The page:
Cheap art


In the 1980s I worked as a theater critic. I spent a lot of time in expensive Broadway theaters and ambitious nonprofit repertory companies. But some of my most memorable experiences were at street theater events by groups like the San Francisco Mime Troupe and Vermont’s Bread and Puppet Theater. I first saw them in […]

In Defense of Links, part three: In links we trust

linked hands

This is the third post in a three-part series. The first part was Nick Carr, hypertext and delinkification. The second part was Money changes everything. Nick Carr, like the rest of the “Web rots our brains” contingent, views links as primarily subtractive and destructive. Links direct us away from where we are to somewhere else […]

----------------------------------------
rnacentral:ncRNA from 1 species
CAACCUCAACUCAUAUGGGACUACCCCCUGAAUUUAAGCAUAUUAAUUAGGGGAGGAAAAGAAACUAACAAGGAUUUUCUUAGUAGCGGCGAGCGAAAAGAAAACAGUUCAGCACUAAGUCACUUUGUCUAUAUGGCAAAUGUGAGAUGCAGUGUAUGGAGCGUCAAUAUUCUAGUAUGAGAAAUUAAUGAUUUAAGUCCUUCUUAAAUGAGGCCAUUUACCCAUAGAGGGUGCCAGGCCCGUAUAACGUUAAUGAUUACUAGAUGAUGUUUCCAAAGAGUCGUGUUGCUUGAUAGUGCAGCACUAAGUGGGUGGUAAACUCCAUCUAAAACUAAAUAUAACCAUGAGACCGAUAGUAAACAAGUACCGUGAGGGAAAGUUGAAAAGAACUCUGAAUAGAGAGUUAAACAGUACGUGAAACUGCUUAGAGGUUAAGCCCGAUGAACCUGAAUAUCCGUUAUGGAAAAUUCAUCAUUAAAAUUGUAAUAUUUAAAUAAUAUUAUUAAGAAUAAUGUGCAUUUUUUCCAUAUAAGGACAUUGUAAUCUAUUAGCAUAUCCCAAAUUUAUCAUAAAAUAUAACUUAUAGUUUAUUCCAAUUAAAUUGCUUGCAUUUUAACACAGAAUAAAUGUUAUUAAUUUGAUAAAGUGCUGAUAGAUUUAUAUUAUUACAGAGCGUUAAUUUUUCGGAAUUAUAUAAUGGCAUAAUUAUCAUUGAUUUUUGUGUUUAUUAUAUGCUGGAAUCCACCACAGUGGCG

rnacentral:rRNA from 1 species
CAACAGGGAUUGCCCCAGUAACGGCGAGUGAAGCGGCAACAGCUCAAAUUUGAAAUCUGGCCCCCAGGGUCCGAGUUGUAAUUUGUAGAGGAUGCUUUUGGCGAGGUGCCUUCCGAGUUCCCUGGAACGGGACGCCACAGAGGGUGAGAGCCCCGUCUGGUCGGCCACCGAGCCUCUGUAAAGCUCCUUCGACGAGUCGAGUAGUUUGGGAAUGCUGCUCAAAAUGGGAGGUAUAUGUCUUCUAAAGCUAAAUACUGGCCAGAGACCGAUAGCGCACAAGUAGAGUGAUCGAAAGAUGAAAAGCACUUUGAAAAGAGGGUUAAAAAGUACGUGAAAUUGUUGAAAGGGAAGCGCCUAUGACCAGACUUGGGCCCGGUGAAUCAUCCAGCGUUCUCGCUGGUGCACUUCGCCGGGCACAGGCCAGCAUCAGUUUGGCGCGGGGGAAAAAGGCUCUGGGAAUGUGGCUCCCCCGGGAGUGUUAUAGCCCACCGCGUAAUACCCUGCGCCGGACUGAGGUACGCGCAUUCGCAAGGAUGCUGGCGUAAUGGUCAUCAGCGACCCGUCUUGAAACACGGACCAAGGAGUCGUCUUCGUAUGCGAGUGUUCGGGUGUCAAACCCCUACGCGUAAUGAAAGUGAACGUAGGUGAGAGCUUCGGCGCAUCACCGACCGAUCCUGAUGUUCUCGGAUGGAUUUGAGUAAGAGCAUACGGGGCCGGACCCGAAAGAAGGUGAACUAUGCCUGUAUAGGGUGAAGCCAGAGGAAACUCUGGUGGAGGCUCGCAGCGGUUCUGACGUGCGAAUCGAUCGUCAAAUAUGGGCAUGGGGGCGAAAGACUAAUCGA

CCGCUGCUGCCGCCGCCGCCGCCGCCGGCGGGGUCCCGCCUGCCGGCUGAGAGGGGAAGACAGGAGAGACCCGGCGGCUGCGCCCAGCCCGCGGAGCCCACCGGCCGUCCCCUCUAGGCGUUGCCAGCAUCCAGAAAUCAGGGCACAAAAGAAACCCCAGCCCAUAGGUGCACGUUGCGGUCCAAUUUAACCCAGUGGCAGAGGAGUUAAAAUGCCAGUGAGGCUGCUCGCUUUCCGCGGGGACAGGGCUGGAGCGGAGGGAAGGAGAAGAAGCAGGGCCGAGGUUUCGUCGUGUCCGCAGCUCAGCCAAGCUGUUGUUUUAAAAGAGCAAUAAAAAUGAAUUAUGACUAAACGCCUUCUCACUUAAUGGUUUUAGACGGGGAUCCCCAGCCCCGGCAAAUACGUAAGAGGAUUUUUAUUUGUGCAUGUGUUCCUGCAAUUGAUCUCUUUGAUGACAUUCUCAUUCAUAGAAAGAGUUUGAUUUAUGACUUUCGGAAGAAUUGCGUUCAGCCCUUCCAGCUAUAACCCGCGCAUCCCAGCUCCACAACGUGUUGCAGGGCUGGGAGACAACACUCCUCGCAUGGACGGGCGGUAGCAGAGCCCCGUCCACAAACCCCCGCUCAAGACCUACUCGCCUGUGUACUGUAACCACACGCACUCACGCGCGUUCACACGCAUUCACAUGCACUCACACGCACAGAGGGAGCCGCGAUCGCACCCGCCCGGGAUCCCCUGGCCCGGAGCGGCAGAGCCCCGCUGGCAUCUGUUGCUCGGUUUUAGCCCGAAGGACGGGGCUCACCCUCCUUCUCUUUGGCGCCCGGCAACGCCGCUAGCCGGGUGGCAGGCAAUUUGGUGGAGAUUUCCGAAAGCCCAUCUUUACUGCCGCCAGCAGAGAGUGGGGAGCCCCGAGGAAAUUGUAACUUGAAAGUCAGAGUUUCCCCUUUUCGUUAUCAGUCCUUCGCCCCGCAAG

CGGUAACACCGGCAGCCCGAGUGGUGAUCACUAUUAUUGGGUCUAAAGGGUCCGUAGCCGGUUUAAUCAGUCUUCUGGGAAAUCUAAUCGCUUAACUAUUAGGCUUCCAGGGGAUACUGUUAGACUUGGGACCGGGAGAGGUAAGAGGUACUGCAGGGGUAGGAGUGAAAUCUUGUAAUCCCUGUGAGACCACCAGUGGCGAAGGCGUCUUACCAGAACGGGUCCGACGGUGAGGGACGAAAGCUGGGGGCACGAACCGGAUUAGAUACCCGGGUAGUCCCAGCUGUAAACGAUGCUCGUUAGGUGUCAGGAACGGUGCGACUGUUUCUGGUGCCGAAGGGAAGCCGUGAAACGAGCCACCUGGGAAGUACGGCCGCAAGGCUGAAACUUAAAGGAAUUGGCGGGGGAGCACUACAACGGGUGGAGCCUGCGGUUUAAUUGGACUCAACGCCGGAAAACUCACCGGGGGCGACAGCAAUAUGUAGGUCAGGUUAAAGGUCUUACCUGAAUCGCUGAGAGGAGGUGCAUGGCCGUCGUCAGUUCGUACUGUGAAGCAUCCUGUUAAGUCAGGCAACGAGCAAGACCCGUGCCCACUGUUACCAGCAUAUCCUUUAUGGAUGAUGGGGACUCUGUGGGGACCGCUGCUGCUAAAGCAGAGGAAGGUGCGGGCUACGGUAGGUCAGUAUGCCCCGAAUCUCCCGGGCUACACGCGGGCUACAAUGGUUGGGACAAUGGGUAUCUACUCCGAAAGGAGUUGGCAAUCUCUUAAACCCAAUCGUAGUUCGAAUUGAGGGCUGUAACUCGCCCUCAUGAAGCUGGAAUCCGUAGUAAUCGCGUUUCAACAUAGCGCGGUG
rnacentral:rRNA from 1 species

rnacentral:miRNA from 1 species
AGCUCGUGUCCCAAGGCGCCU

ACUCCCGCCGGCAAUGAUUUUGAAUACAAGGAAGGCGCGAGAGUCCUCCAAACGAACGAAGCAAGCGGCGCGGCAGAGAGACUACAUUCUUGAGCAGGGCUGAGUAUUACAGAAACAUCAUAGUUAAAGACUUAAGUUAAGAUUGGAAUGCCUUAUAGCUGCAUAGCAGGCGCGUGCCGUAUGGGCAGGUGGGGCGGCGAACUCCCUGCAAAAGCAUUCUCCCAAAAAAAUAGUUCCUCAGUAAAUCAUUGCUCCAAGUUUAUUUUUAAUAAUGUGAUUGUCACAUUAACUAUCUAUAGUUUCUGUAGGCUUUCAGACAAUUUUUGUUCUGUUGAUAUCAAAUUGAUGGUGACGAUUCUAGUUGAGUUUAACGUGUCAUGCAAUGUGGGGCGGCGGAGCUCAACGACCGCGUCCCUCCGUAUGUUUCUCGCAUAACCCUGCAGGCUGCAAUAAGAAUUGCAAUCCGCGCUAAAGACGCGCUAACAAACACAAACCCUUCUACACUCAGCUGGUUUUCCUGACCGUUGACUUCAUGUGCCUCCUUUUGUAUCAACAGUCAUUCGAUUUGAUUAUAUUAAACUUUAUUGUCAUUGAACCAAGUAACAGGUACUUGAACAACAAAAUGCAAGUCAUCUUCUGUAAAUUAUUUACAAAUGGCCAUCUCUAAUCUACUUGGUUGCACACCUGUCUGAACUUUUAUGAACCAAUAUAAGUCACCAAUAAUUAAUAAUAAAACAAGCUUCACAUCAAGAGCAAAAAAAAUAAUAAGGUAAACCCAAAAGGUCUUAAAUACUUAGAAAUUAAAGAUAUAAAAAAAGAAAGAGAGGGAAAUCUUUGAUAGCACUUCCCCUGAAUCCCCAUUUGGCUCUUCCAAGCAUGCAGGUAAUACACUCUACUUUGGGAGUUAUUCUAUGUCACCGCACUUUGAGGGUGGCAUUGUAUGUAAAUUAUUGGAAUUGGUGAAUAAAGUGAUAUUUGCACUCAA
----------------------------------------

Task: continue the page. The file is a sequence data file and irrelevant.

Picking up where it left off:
Miscellany: SAI, Crooked Timber, MediaBugs and “Inception”

Part Three of “In Defense of Links” coming later this week! Some little stuff in between: I have begun an experiment in crossposting some of my stuff over at Silicon Alley Insider/Business Insider. Same writing, grabbier headlines! As it is, my posts appear here, and then also at Open Salon (where Salon sometimes picks them […]

“Perfecting Sound Forever”: great book on history of recording


I’ve written a bit here about the curse of over-compression in recorded music: For those of us already unhappy with the music industry’s bungling of the transition to digital distribution, here’s another thing we can blame them for. Seeking to have their products “stand out,” they entered a sonic race to the bottom… The irony […]

Does the Web remember too much — or too little?

The End of Forgetting (New York Times)

Jeffrey Rosen’s piece on “The End of Forgetting” was a big disappointment, I felt. He’s taking on important themes — how the nature of personal reputation is evolving in the Internet era, the dangers of a world in which social-network postings can get people fired, and the fuzzier prospect of a Web that prevents people […]